After suffering wave after wave of invasion, the nation of Israel is carved up and the southern united kingdom of Judah and Benjamin, is carried off as captives to Babylon under Nebuchadnezzar in 609BC. For the next seventy years, Babylon also succumbs to a bigger empire in that of the Persians and in 538BC, Cyrus the Great decides that he wants to be rid of these people and sends them back to where they came from.
It must be said that the Persian Empire was one of tremendous religious tolerance. Rather than face revolt from all sides, they found it easier to extract taxes and tribute from client kingdoms by keeping them passively happy by letting them get on with their own religious practices in peace.
After the reign of Cyrus, other kings such as Ahasuerus, Artaxerxes and Darius (the Second) are mentioned and after a great deal of faffing about, which wasn't exactly helped by neighbouring client kingdoms, the Jews finally had the temple rebuilt and working in 423BC. The book of Ezra begins with the temple and the nation in ruins and ends with being restored to working order.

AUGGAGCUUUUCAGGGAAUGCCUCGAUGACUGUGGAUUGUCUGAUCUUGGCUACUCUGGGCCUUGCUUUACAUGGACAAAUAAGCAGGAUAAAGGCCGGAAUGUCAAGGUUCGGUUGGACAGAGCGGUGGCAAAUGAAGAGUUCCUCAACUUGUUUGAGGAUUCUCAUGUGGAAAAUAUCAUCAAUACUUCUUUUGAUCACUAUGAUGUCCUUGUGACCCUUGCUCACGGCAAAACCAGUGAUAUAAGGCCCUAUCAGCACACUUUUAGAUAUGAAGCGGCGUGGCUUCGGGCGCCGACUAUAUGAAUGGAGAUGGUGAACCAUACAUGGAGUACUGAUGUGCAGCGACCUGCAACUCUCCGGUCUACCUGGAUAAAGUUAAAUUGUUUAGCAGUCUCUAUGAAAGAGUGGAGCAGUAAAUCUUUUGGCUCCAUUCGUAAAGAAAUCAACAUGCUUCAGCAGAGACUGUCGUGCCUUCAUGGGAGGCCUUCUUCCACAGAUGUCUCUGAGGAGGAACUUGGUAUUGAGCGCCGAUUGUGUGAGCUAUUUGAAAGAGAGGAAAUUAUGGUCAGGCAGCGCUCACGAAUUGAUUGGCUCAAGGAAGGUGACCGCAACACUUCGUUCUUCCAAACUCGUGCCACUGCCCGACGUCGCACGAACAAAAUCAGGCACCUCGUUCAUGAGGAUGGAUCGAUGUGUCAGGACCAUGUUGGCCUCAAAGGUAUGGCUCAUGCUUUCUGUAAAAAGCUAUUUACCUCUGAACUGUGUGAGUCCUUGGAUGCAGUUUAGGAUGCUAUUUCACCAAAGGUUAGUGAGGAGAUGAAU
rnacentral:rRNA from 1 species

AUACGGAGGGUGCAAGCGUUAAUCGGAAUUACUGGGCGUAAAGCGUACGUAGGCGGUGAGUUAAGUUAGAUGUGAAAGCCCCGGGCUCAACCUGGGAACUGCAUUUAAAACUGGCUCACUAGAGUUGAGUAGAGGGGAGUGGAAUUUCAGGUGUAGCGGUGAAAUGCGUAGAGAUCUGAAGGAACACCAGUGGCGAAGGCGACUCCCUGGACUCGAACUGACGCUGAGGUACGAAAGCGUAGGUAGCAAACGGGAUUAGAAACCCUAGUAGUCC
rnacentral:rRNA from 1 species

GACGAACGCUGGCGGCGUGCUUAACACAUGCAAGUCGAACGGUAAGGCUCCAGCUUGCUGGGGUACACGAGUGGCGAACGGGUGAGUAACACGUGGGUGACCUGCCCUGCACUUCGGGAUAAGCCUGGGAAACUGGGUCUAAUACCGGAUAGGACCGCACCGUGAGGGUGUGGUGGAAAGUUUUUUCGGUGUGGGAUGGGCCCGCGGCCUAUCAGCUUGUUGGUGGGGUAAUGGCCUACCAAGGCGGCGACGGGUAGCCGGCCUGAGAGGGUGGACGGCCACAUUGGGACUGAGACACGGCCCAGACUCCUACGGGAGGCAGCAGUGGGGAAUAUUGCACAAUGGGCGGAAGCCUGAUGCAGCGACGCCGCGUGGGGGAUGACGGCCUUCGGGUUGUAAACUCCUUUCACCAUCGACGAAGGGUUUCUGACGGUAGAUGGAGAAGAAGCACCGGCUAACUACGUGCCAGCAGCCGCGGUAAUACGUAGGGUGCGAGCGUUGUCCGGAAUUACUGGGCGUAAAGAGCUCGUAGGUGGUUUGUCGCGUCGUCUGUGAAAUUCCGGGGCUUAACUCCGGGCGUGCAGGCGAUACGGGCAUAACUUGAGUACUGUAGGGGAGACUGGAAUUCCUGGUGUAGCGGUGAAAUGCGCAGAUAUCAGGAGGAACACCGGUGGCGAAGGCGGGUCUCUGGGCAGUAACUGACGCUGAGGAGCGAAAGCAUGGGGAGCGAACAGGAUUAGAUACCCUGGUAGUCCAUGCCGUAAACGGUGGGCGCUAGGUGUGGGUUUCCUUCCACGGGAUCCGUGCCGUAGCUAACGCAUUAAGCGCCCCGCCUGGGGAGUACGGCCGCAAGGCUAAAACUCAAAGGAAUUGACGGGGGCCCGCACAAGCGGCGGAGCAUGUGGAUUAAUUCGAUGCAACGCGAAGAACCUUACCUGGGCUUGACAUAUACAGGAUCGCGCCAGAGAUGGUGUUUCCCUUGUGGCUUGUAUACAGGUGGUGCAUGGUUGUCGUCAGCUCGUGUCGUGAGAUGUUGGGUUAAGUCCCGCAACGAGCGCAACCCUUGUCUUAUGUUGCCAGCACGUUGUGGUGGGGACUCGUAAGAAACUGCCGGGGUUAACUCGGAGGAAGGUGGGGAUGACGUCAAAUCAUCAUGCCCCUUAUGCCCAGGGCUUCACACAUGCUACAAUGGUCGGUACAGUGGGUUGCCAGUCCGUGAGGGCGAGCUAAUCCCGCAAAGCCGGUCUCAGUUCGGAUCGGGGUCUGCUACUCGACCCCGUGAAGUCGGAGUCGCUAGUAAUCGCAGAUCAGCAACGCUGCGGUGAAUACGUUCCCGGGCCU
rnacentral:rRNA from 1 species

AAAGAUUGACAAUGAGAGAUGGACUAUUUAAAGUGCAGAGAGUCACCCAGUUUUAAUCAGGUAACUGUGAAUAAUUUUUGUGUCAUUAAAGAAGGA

You'd think that after this had happened, that even a boring story of rebuilding a great piece of public works, would come to a satisfactory conclusion but in Chapter 9 the story changes focus and we read this, which fits into a larger narrative:
I am too ashamed and disgraced, my God, to lift up my face to you, because our sins are higher than our heads and our guilt has reached to the heavens. From the days of our ancestors until now, our guilt has been great. Because of our sins, we and our kings and our priests have been subjected to the sword and captivity, to pillage and humiliation at the hand of foreign kings, as it is today.
- Ezra 9:6-7 (NIV)
Tradition has it that it was Ezra who compiled the books of Chronicles into their current form. The short summary of Chronicles is that what once was a single Israeli kingdom under David, snapped into two pieces which gradually became more corrupt; with the northern kingdom being wiped off the map entirely and the southern kingdom being hauled off into captivity.